A Li-ion battery charge protocol with optimal aging-quality of service trade-off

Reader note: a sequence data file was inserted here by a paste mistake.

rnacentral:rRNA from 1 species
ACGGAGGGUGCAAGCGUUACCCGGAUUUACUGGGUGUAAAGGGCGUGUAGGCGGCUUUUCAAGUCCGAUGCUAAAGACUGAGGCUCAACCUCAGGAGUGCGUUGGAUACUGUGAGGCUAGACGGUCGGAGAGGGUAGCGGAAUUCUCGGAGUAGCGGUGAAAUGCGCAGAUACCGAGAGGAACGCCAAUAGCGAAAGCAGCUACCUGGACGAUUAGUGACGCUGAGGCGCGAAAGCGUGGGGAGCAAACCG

The reduction of usable capacity of rechargeable batteries can be mitigated during the charge process by acting on some stress factors, namely, the average state-of-charge (SOC) and the charge current. Larger values of these quantities cause an increased degradation of battery capacity, so it would be desirable to keep both as low as possible, which is obviously in contrast with the objective of a fast charge. However, by exploiting the fact that in most battery-powered systems the time during which it is plugged for charging largely exceeds the time required to charge, it is possible to devise appropriate charge protocols that achieve a good balance between fast charge and aging. In this paper we propose a charge protocol that, using an accurate estimate of the charging time of a battery and the statistical properties of the charge/discharge patterns, yields an optimal trade-off between aging and quality of service. The latter is measured in terms of the distance of the actual SOC from 100% at the end of the charge phase. Results show that the present method improves significantly over other similar protocols proposed in the literature

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